So, you want to pursue a career in teaching. Maybe you had a teacher who changed your life and view of education. Maybe you had some bad educational experiences and want the chance to do better. Maybe you have this unshakeable feeling that your life’s purpose is to help inspire young minds. Whatever your reason, here are some key steps you’ll need to take when you are kicking off your career in education.
Understand the educational requirements
In general, teachers at all levels are required to have an undergraduate degree (i.e. a bachelor’s degree), ideally in education or teaching. This typically is a three to four-year degree. At some institutions, you can specialise in certain areas of education or teaching, such as primary school or secondary school education.
Before pursuing a bachelor’s degree, you may choose to undergo vocational training as a first step. You can do this at a wide range of TAFEs and VET providers. Examples of popular education certifications include a Certificate IV in Training and Assessment, a Certificate III in Early Childhood Education and Care, and a Diploma of Aboriginal and Torres Strait Islander Education.
In your bachelor’s degree, you are required to cover core education units, which might relate to child psychology, different teaching styles and sociological concerns in the classroom. Additionally, while completing your undergraduate degree in education or teaching, you may pursue a concurrent degree in the area in which you intend to specialise.
After your bachelor’s degree, you may choose to continue to a postgraduate degree (i.e. a master’s degree) to increase your specialisation before working. A master’s degree typically spans one to two years and can involve specialisation in certain subjects or teaching types (such as primary, secondary, English as a second language and more). Students that have not studied education before can also use a postgraduate degree as a pathway to teaching.
Gain the necessary documentation
Teachers must complete and submit significant documentation before they can start working, which is legally mandated by the federal government. This is done with the core consideration of child protection in mind.
Teaching jobs typically require a criminal/police check, which costs roughly $40. For students who currently reside overseas and are looking to move to Australia, the check will likely be undertaken by the Australian Federal Police. Alternatively, you may be required to undergo a police check in your home country. For students based in Australia, you can find more information on your state or territory government website.
As teaching is a job that involves interaction with children, a paid Working with Children Check is essential. You must apply for this via your state or territory government website.
To apply for approval to teach in public schools within your state or territory, you must apply during the final two semesters of your undergraduate or postgraduate studies. In some states, international students must apply for “casual and temporary teaching approval”, aligned with various work visa requirements.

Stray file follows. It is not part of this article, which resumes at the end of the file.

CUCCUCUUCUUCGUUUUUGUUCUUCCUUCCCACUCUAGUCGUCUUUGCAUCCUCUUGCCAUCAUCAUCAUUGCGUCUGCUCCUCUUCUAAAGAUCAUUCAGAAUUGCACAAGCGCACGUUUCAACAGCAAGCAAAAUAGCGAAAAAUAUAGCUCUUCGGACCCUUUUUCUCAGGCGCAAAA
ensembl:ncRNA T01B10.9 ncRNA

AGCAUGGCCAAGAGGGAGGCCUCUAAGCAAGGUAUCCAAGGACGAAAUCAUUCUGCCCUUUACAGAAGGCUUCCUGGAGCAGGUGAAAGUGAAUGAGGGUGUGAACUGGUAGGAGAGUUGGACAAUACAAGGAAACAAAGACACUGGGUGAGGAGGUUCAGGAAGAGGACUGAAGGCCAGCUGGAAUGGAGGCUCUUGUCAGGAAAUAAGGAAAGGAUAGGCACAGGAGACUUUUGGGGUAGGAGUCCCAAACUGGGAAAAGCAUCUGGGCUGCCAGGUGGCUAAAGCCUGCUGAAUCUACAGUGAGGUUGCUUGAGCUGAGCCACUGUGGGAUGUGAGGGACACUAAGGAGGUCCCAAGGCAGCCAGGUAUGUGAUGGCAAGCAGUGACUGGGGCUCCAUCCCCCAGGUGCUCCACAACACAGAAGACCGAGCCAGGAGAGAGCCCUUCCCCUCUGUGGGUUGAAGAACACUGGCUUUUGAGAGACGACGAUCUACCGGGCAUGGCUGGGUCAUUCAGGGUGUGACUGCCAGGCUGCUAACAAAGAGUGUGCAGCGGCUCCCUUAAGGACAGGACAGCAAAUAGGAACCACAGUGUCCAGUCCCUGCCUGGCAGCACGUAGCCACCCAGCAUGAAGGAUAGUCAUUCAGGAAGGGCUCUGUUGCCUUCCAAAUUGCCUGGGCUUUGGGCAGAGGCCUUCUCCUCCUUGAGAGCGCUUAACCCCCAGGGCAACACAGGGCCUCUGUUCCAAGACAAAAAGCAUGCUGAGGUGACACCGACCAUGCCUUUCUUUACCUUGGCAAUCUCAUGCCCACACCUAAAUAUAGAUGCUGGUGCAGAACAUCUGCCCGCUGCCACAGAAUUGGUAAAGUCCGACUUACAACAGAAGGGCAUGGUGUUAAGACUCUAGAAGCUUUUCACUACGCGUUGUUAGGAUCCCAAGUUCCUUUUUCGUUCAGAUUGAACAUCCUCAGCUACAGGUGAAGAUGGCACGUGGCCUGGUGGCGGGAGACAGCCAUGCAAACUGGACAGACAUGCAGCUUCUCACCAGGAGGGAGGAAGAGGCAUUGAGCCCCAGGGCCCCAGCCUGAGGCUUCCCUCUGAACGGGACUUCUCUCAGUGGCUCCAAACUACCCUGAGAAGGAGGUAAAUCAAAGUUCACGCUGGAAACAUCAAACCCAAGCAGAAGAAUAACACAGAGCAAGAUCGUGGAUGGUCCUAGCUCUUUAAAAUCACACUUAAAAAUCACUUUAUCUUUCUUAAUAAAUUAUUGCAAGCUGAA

Refine your relevant skills
To prepare for your career in teaching, you must focus on developing certain skills. Key skills you’ll need to succeed in teaching include patience, resilience, conflict resolution, creativity and leadership. These skills can help you adapt to unforeseen hurdles in and outside the classroom, nurture your students’ passions and find fulfilment in your career.
Get accredited to teach in your state or territory
The accreditation bodies of each state and territory and their requirements are as follows:
ACT: Teacher Quality Institute (TQI)
TQI offers provisional registration to graduates who have not yet completed 180 days of service. You can only apply to register once your final results and course transcript have been released.
NSW: NSW Education Standards Authority (NESA)
NESA requires teachers to gain a conditional or provisional accreditation before they start teaching, then work towards the accreditation of Proficient Teacher in the timeframe of three-four years for full-time teachers, and five-six for part-time. Conditional accreditation can be gained in the final year of a teaching degree, whereas provisional accreditation is gained at the end of your degree.
NT: Teachers’ Registration Board
Queensland: Queensland College of Teachers (QCT)
Recent graduates in Queensland should apply for provisional registration, which lasts for two years. After those two years, you can either apply to renew your registration if not yet eligible for full registration, or transition to full registration.
SA: Teachers’ Registration Board
In South Australia, prospective teachers must submit this teacher registration form as graduates.
Tasmania: Teachers’ Registration Board
The TRB in Tasmania grants provisional registration to graduates who are not yet eligible for full registration, which stipulates assessments of teaching competence and ongoing participation in professional learning.
Victoria: Victoria Institute of Teaching (VIT)
Western Australia: Teacher Registration Board
Students who have graduated within the last five years can apply for provisional registration, and transition to full after 100 days of teaching and assessment of proficiency.